LANSING, Mich. — State Sen. Patrick Colbeck, R-Canton, supported passage of Senate Bill 366 in the Senate Judiciary Committee on Tuesday, which would create a provisional Concealed Pistol License (CPL) for 18-20-year-olds who already meet all of the requirements to possess a firearm, but that are under the age of 21 so would not currently be able to carry a concealed pistol.
“As a strong supporter for people being able to defend themselves, this bill will allow legal aged adults in Michigan the full ability to exercise their right to carry a concealed pistol as many other states currently allow,” Sen. Colbeck said. “It’s important that the Senate passes this legislation that ensures adults who are of legal age to vote, serve in our nations armed forces, and own a gun can also enjoy the protection that comes with being able to carry a concealed pistol.”
The legislation is the result of current Michigan law, where Michigan has reciprocity agreements with several other states that allow concealed carry of firearms but do so at different ages. As an example, Michigan currently requires that a person be 21 years old to obtain a CPL, but West Virginia, a state with which Michigan has a reciprocity agreement, allows 18-year-olds to obtain a CPL. The legislation would create an equal standard among the states that Michigan has reciprocity agreements with.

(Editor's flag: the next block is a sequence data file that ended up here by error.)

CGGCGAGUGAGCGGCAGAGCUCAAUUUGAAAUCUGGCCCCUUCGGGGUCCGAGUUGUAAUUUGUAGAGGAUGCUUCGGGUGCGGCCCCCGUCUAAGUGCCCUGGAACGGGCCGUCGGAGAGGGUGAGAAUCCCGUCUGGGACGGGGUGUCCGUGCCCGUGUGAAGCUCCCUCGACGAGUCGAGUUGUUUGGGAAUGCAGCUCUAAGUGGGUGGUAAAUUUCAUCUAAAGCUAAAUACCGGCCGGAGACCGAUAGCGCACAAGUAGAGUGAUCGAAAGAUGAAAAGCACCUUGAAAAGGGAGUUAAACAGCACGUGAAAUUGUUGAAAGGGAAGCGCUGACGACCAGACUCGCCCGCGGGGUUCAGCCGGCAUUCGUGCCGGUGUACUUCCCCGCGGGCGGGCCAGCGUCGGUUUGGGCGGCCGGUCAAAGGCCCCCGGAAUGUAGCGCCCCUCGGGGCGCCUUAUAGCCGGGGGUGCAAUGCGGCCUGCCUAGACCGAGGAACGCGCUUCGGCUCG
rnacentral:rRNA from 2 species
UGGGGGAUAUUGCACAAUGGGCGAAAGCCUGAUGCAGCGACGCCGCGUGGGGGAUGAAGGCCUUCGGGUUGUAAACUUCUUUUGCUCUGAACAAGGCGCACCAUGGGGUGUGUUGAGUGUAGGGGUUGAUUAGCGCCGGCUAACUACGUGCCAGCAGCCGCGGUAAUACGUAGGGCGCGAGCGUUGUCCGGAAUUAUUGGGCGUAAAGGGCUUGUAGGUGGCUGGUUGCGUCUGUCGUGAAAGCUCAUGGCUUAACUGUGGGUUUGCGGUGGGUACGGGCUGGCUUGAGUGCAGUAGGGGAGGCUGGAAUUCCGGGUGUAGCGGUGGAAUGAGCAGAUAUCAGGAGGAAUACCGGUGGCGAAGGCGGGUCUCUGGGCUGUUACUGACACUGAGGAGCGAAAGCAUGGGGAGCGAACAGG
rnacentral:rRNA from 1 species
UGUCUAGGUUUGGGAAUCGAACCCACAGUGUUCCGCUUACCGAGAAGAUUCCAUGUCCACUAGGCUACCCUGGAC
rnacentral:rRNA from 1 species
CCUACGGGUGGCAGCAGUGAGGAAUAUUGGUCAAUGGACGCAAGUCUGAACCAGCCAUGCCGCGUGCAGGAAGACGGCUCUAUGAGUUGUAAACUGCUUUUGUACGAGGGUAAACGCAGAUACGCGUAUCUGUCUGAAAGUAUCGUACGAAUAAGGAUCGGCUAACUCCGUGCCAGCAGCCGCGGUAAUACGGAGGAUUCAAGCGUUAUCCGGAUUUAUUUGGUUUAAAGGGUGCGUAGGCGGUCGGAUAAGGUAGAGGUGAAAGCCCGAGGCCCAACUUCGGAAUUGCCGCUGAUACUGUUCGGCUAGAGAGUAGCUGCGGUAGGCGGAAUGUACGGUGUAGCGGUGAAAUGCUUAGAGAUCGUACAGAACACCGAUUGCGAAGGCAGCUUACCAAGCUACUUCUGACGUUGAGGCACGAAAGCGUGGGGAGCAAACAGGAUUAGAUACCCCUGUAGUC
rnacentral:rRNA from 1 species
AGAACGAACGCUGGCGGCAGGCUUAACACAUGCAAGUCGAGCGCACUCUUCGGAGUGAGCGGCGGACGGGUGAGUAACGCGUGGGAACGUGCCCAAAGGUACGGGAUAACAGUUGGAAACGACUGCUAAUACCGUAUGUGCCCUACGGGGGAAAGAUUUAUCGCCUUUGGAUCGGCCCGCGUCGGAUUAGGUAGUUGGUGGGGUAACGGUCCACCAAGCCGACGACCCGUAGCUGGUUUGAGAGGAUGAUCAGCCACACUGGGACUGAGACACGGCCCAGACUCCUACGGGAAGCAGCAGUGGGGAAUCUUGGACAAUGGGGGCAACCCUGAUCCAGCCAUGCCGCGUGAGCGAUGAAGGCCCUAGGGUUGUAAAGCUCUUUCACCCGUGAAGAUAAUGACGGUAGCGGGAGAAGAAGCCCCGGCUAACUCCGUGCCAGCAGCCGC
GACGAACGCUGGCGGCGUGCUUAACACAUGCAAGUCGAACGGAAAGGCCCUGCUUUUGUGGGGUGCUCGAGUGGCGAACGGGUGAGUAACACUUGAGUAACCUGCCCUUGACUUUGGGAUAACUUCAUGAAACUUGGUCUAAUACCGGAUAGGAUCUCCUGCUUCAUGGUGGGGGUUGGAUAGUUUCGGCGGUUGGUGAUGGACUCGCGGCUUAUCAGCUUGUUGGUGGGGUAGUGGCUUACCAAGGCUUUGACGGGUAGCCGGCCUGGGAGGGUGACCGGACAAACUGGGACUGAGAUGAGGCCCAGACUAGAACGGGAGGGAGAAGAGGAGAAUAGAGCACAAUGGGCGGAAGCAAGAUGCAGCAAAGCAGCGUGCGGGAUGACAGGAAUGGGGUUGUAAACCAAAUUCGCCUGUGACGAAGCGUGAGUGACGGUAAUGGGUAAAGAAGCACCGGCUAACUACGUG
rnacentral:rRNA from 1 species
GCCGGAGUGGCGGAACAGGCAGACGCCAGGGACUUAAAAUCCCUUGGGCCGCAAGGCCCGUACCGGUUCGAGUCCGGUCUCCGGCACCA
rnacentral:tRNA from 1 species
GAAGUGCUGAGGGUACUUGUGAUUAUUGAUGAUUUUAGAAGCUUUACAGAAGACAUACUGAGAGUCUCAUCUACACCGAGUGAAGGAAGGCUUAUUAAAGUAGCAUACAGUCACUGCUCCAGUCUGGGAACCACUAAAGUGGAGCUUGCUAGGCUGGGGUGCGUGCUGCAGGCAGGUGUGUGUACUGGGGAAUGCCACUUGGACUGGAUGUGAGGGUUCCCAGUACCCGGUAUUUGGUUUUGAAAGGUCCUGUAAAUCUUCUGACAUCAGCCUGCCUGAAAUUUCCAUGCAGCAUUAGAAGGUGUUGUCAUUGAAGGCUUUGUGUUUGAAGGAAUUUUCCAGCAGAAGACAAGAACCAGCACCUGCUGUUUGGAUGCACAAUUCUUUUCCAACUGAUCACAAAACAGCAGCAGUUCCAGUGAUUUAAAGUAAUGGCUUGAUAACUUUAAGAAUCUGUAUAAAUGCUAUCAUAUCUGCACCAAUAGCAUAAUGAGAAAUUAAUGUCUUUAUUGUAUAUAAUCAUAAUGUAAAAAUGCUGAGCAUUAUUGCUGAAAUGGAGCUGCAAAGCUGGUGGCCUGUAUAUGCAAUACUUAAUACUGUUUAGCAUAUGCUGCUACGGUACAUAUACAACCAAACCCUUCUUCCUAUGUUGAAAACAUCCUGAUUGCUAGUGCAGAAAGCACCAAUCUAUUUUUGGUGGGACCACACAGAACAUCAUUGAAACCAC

“Young women in particular need to be able to carry concealed to better defend themselves should the unthinkable happen,” Sen. Colbeck said. “It makes no sense that a 125 pound, 20-year-old woman, for example, may be able to purchase and own a firearm if she is being stalked and feels threatened, yet would be forced to choose between ‘open carry’ or ‘no carry’ under today’s laws. We need to be able to fix that.”
SB 366 now heads to the full Senate for consideration.